"And now I would like to give the blessing, but first I want to ask you a favor. Before the bishop blesses the people I ask that you would pray to the Lord to bless me -- the prayer of the people for their Bishop. Let us say this prayer -- your prayer for me, in silence."
Catch the important difference there? Who is doing the blessing, through the prayers of the people?
In particular, the views of CNN's Erin Burnett served as a good summary of much of the evening's coverage on that network.
At one point, she expressed her opinions on a key issue "as a Catholic" and then immediately added, "Yes, I am Catholic."
But in her closing mini-sermon, she talked about her Catholic upbringing, but made it clear to all why she had left the fold.
She was raised Catholic, she stressed, using past tense. She was confirmed and took First Communion, and keeps a photo of that younger version of herself on her desk.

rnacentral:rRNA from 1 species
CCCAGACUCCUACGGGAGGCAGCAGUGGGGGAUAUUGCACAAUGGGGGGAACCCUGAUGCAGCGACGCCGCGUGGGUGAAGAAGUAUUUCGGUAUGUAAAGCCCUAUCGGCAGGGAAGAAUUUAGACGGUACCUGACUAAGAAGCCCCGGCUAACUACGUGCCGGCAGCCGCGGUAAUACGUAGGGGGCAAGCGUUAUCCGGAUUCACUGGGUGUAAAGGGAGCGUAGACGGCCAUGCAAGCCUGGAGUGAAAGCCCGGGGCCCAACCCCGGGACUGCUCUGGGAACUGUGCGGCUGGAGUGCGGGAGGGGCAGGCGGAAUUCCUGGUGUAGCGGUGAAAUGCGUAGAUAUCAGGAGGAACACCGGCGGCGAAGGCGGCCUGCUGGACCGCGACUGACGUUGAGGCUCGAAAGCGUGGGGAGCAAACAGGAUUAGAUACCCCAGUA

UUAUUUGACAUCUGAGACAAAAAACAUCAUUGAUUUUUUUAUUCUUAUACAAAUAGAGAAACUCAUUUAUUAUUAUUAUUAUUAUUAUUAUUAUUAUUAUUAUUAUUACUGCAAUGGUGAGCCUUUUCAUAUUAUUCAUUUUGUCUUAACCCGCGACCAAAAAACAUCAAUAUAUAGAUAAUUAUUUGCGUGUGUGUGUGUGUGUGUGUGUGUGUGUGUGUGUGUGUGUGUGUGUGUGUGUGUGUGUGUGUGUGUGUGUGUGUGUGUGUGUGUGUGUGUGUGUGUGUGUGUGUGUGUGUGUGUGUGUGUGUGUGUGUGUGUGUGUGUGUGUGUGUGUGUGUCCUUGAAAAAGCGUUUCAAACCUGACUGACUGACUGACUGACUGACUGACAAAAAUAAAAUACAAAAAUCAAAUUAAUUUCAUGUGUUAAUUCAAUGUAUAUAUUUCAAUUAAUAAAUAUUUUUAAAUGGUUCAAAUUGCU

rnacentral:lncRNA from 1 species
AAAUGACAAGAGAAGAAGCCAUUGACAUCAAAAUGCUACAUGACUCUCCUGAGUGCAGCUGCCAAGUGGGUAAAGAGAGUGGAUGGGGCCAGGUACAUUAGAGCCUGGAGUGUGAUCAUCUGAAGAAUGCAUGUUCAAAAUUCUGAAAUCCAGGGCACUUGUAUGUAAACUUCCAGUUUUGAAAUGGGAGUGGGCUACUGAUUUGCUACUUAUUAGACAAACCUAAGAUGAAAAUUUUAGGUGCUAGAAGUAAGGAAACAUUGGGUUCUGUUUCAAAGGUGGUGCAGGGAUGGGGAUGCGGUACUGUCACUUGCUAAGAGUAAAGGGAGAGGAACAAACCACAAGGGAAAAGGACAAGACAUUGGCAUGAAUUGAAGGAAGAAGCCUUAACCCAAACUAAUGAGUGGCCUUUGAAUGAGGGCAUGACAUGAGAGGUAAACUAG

However, she added, "I do not practice now. I'm ecumenical. And I'm not alone."
The key to the day, she made clear, was whether the new pope would be willing to change the church's ancient doctrines on a litany of moral and social issues dear to her heart -- all of them related to sexuality and gender.
Her benediction: "I bet that a lot of people might return to the church if it changed. After tonight's celebrations are over, the big question will be whether Pope Francis will be that change."
That was as good a summary of the television news coverage as I heard all day, the defining message from so many in the mainstream press.